"As the first person in my family to attend a university, I will not and cannot let fear stand in my way," Vargas said.

The ceremony also included performances by all the senior members of the Paly choir, who in a large group on stage sang Walk the Moon's "Shut Up and Dance with Me," and by senior Natalie Snyder, who sang and played on guitar a song aptly called "We Don't Have to Be Ordinary."

Paly Principal Kim Diorio began the evening with a list of reasons for "why it's great to be a Viking." The list included a strong school culture that allows for and emphasizes student freedom; "tremendous spirit and pride"; dedicated teachers, staff and parents; and a deep caring for others.

She pointed to Sources of Strength, a new peer-led suicide-prevention program the school launched this year. Seventy students became peer leaders for the program — more than twice the number needed, Diorio said.

Paly will always be a second home to its graduates, she said, telling the Class of 2016: "You are always welcome here."

Senior Diana Rodriguez told the Weekly after the ceremony that Paly had already been like a second home to her.

"I will miss Paly a lot," said Rodriguez, who is attending San Francisco State University this fall.

Senior Mikaela Simison, who will attend the University of Arizona, offered one word after the ceremony to describe the feeling of the day: "powerful."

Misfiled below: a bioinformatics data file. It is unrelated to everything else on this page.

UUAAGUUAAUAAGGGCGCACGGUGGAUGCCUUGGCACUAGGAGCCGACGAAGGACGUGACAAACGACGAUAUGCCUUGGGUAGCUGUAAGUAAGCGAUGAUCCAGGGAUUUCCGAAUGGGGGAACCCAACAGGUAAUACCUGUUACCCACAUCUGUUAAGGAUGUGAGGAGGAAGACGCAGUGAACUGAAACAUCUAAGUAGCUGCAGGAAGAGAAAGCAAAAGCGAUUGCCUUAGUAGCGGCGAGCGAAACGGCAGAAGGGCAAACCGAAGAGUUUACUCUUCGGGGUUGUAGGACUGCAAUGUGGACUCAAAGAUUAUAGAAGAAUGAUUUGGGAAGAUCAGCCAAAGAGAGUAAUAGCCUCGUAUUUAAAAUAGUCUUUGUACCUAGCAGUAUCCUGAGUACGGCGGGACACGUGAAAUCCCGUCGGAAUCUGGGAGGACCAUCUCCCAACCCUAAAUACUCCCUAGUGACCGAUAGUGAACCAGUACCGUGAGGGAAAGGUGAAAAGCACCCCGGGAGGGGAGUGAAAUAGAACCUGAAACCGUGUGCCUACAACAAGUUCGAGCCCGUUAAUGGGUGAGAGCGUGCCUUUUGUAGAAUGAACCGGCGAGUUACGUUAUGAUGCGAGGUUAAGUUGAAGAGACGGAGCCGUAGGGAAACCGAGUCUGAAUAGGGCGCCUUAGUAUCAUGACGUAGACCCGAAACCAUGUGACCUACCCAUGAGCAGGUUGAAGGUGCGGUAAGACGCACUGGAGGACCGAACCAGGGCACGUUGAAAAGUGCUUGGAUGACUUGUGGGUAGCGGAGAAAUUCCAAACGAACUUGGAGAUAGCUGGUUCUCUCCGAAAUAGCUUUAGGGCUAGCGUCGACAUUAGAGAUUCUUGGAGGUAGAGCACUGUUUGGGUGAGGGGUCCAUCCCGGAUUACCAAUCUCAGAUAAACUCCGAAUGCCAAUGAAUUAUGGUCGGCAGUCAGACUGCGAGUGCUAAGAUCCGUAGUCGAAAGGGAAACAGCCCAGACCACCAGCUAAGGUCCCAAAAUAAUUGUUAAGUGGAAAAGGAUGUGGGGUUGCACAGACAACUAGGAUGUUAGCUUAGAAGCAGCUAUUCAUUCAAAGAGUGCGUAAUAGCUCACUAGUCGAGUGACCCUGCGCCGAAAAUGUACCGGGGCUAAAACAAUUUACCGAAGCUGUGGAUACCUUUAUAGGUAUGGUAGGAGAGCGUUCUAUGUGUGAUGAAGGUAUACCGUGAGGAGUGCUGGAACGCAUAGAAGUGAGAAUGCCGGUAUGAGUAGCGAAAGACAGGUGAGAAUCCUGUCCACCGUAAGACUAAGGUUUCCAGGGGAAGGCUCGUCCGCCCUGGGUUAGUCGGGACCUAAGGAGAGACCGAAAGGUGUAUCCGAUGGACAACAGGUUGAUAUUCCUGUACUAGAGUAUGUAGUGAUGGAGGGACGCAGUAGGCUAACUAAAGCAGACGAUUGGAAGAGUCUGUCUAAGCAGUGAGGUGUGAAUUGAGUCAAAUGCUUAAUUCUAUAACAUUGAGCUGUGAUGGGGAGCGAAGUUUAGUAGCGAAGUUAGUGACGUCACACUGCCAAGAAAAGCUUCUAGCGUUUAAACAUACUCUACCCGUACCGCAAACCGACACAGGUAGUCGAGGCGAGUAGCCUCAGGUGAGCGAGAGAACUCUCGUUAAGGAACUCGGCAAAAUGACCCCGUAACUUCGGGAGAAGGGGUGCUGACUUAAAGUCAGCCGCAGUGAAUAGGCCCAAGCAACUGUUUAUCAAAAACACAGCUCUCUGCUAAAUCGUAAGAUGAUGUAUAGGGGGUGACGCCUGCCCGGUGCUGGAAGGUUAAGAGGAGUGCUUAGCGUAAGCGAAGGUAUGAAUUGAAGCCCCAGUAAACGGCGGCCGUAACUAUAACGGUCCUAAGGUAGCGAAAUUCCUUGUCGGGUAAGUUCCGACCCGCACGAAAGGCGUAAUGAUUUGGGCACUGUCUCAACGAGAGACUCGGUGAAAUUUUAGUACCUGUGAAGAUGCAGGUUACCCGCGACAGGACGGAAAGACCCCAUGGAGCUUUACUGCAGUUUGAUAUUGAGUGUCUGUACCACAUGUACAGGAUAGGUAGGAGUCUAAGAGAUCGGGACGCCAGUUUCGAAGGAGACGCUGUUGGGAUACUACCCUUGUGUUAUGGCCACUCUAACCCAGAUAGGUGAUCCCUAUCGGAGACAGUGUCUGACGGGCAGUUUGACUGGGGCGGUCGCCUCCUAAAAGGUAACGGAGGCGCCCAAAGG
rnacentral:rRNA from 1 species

"We did it. We graduated high school," she told the Weekly. "It's awesome. I'm feeling accomplished."

John Kemmerer was among the crowd of parents, friends and family members taking photos with their green-robed graduates following the ceremony. His twin daughters had both graduated from high school on Wednesday.

"(I'm) excited for them and interested in how they're going to live their lives," he told the Weekly.

Vargas had advice, and a challenge, for his fellow graduates as they move into adulthood: "As the Class of 2016 starts a new journey in their life today, remember that each and every one of us has an option to be afraid or the option to be courageous."

"Fear, or courage," he said, poignantly and pointedly. "Which one will you choose?"

Related article:

List of Palo Alto High School graduates

Gunn graduate's message: 'We are fighters'

Want to see more photos of graduation? Go to the Palo Alto Weekly's collection of social media posts on Storify


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5 people like this
a resident of College Terrace
on Jun 2, 2016 at 4:45 am

SEA_SEELAM REDDY is a registered user.


Well attended, beautiful campus, a lot of bright sunlight, overjoyed families and friends; the event was perfectly done.

Great to have a wonderful campus, teachers that care, staff and school board that is superb; a 10+ all the way.

Now, it is graduates turn to take on the challenges in our society and make it better for all of us.


Like this comment
Posted by HoSV
a resident of Old Palo Alto
on Jun 4, 2016 at 12:58 pm

HoSV is a registered user.

Not a word was said for the Palo Alto classmates lost to suicide. Their lives weren't even worth a moment of silence.

Sorry, but further commenting on this topic has been closed.